What I didn’t like: The sides of this carseat are pretty high and the seat is quite deep, creating a bit of a well or bucket. This made it difficult to get my daughter into the seat as she is still rear-facing. I also had the same issue I did with the Britax of having to sit her on top of the straps, and then dig them out from underneath her. I just really felt like it was more of a struggle to get her in and buckled than it should have been.
After a road trip to Florida (a 7.5 hour drive), I decided it wasn’t worth struggling with for the next few years, and I began researching again. My research led me to –
This was listed as one of Consumer Reports 5 Top-Rated Convertible Carseats in January of 2016.
What I liked about it: It was easy to install. I felt that it was much easier to get my daughter in and out of. Plus, the price just couldn’t be beat.
What I didn’t like: After having purchased three pretty high-end carseats to try, this one just felt cheap. It did not seem nearly as sturdy as the others, plus it did not have much padding on it. None of our family lives in the same state as we do, so we take a fair amount of road trips to visit family. I was concerned that this seat would not be comfortable for a long car ride.
At this point I was getting really frustrated with the whole thing. Why could I not find a carseat that I liked? I started to question my own sanity and whether or not I was being way too nit-picky.
I decided to stop worrying about reports and reviews and just go to the store and pick what looked like a good fit. On my final trip to Babies-R-Us, I came home with two seats.
This seat is nearly identical to the Cosco Scenera NEXT, except it has better padding. Cosco and Safety 1st are owned by the same parent company, and I believe the shell on these two carseats (Scenera and Sportfit 65) is the same. This one is a bit pricier than the Scenera though, due to the extra padding.
What I liked about it: It was easy to install, and easy to get my daughter in and out of. While not quite as cheap as the Scenera, it was still a great price.
What I didn’t like: Because I had purchased a number of expensive carseats prior to this, it just felt a bit flimsy. It didn’t seem as heavy or durable as some of the other carseats. And though it was cushioned better than the Scenera, I still worried about comfort during long road trips.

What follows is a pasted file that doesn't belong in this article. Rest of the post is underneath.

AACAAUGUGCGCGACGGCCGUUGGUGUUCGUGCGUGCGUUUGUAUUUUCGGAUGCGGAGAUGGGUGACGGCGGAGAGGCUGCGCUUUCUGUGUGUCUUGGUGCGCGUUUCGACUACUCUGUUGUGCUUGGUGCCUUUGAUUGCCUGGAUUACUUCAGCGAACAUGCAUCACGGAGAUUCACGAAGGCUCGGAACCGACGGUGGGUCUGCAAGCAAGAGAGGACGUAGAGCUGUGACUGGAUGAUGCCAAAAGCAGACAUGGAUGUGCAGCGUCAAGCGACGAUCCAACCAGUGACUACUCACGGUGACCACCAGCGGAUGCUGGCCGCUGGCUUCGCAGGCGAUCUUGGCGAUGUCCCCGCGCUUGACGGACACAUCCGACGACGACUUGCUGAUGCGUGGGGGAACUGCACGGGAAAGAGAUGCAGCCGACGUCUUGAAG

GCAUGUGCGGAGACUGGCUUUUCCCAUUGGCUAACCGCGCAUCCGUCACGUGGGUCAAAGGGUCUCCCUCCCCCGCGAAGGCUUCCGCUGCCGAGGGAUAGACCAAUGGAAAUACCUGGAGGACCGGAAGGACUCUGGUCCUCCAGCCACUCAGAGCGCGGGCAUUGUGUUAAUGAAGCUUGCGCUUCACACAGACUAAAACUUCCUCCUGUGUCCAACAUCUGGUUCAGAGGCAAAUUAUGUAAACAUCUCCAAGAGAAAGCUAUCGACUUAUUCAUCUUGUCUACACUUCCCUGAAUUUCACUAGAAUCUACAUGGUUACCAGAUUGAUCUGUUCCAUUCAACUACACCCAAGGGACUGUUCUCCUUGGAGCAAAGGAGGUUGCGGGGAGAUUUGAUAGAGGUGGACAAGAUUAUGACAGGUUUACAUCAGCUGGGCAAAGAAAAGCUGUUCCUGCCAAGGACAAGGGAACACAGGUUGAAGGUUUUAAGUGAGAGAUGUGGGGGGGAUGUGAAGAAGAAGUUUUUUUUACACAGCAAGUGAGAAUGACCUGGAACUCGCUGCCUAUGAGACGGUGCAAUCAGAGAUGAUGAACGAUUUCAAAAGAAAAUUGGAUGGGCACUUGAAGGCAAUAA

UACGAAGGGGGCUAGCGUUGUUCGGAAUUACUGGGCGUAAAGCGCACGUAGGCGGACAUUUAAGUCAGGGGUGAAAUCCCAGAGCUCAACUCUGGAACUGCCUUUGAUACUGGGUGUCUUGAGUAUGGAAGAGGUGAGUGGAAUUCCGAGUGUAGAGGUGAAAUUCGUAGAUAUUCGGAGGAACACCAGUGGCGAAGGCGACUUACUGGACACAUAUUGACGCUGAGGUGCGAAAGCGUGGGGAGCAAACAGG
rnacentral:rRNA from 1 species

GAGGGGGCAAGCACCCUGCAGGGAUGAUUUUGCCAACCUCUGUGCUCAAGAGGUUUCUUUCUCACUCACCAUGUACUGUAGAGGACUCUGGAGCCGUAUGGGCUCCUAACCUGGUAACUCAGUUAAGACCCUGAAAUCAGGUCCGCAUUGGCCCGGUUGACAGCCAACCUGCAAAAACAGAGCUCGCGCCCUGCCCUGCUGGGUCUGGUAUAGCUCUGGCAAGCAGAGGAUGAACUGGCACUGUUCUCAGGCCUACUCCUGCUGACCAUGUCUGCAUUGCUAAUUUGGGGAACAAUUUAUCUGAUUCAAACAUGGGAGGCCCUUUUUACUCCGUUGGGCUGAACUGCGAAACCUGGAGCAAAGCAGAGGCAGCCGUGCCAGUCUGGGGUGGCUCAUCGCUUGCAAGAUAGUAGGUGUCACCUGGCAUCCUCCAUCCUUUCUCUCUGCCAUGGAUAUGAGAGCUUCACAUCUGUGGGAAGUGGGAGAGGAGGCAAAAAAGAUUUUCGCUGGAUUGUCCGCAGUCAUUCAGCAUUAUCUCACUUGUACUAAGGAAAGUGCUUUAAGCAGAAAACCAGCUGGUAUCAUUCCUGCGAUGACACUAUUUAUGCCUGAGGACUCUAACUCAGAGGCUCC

Honestly, had I not purchased the sixth and final carseat at the same time that I purchased this one, I may have ended up keeping the Sportfit. BUT…fortunately, the sixth convertible carseat purchased ended up being a winner.
At this point in the game, I had really narrowed down specifically what I was looking for in a convertible carseat. When I saw this seat in the store, it appeared to match most of my criteria.
I knew almost immediately after installing this seat into my car, that I had finally found the one. (Are we still talking about a carseat here, or a date?!?!)
What I like about it: The sides are not too high, nor is the seat too deep, like the Chicco, which makes it much easier to get my daughter in and out of. There are cushions on the straps for her shoulders, but they are not too bulky. I can move the straps out of the way when putting her in, so I don’t have to dig them out from beneath her. It is incredibly easy to install, as it uses the Latch system when rear-facing. It’s padded well and seems comfortable for long travel. It’s easy to adjust and allows my daughter to sleep in the car when needed. It has a few extra bells and whistles, such as two cup holders and various recline positions. Finally, it’s heavy and appears to be well-constructed and durable.
What I don’t like: Honestly, I’m not sure I’ve come across anything yet. It is a pricy seat, but knowing that this is the last carseat she will ever need, I’m happy to spend the money.
So, there you have it. If you are just starting on your journey to purchase a convertible carseat, hopefully this post will save you some of the headache I went through.